He is convinced that the high rise has come of age.

"The new generation is looking for a different product. Gone are the days when people want large places to live in with high maintenance and cleaning costs. People want practical places to live in with great views and a lifestyle attached to it."

The plans are not yet finalised by there will be probably around 200 apartments. The lack of garden or yard will be compensated for to some extent by what he described as generous terraces - and by gardens at the ground level for residents' exclusive use, adjacent to the gym and swimming pool. The towers will have parking and Metropolis hopes to attract a wide range of retail and services outlets, from obvious ones like restaurants and delicatessens to less obvious ones like a laundry.

Most of the lower levels - those without the view - will be dedicated to office and commercial space, 4,000 sq.m. in all.

"Global Capital rents quite a lot of properties to international clients and we know that there is quite a shortage. Offices tend to be converted apartments. We will be offering all types of purpose-built commercial and office units to cater for the market."

The plans are to start demolition and excavation within the next few weeks. This should be done within four to five months, with around two and a half years for construction and a year to a year and a half for finishing.

Although the whole development will be undertaken simultaneously, the units will be put on sale in phases so as not to flood the market. "We have already started marketing overseas and have had a great deal of interest from the UK and German markets. Some people approached us before we approached them but we did not want to jump the gun until we had the outline permit in hand.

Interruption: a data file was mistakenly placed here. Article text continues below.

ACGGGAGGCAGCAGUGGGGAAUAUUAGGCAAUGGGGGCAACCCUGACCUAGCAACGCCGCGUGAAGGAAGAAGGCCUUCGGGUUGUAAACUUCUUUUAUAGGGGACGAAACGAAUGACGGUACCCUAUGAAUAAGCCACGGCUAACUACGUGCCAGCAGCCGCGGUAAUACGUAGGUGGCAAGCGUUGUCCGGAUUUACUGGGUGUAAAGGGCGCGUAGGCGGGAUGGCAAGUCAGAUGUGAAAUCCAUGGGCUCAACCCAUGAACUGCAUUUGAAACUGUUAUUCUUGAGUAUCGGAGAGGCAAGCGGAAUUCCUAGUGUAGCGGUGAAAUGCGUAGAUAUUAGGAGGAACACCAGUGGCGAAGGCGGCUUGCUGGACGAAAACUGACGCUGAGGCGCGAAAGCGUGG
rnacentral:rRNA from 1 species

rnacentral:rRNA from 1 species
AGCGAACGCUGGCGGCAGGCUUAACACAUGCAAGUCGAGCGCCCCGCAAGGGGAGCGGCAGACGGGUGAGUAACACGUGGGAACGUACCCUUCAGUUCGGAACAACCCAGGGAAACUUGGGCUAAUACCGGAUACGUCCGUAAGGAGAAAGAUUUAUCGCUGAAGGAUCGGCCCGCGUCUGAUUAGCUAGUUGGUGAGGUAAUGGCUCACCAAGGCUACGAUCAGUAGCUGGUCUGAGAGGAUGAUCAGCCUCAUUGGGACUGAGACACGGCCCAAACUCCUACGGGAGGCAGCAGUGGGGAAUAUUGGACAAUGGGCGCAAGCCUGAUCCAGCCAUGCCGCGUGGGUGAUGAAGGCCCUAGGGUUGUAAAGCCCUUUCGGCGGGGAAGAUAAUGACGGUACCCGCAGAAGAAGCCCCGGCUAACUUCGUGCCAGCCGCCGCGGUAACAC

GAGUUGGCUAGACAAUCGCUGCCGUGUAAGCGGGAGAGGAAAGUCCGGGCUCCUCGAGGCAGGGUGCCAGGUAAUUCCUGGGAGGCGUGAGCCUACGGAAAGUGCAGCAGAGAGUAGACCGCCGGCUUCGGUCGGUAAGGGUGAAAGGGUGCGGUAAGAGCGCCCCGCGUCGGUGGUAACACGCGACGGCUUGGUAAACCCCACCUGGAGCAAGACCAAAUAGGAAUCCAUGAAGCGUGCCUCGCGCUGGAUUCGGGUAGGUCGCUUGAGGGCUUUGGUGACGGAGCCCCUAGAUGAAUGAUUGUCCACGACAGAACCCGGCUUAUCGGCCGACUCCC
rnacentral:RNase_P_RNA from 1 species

He is very excited about the potential for foreign buyers.

"In the last 20 years, we have seen the creation of a middle class from the old Communist states who never owned property before. They are making a lot of money from private enterprise and there is a huge hunger to own property outside their country. Their idea of investment is bricks and mortar because they associate this with security. They are not going to go for stocks, shares or bonds. Property is the real thing," he said.

"London and Paris is full of ex-Communist country citizens, paying ridiculous prices for property; we have seen the London market go up by 40 per cent in recent times.

"But while the top end buy in London or Paris, the middle class will start to buy in the Mediterranean islands like Cyprus and Malta."

He may be optimistic about the property market but he is not naïve.

"Property prices have risen quite substantially over the past 10-15 years, quite an unprecedented increase. I think we are in a consolidation phase. I cannot see prices continuing to rise at the same rate.

"Having said that, there is a shortage of lifestyle buildings. So you will have patches in the market. Modern fashionable buildings will be in demand by foreigners and locals as we have seen from pre-sales for Pender Place and Midi and Portomaso before that. But you will probably find that the apartments built on the site of old houses will probably stagnate and take a longer time to move.

"It will be a question of simple economics. If they are not moving fast enough, contractors and developers will have to shift their focus to what the market wants. I don't think they will remain empty because at the end of the day there is a right price for everything and supply and demand will determine the right level."

Metropolis Developments is made up of a group of investors: Global Capital have 42 per cent of shareholding, Mr Pace has 21 per cent personally, and the rest is held by a mix of local and overseas investors from the UK and Mauritius. The company chairman is Joseph Aquilina.
The development has appointed EM Architects, with Edwin Mintoff as lead architect, UK design firm GMW as design consultant and Capita Symonds (UK) as project managers.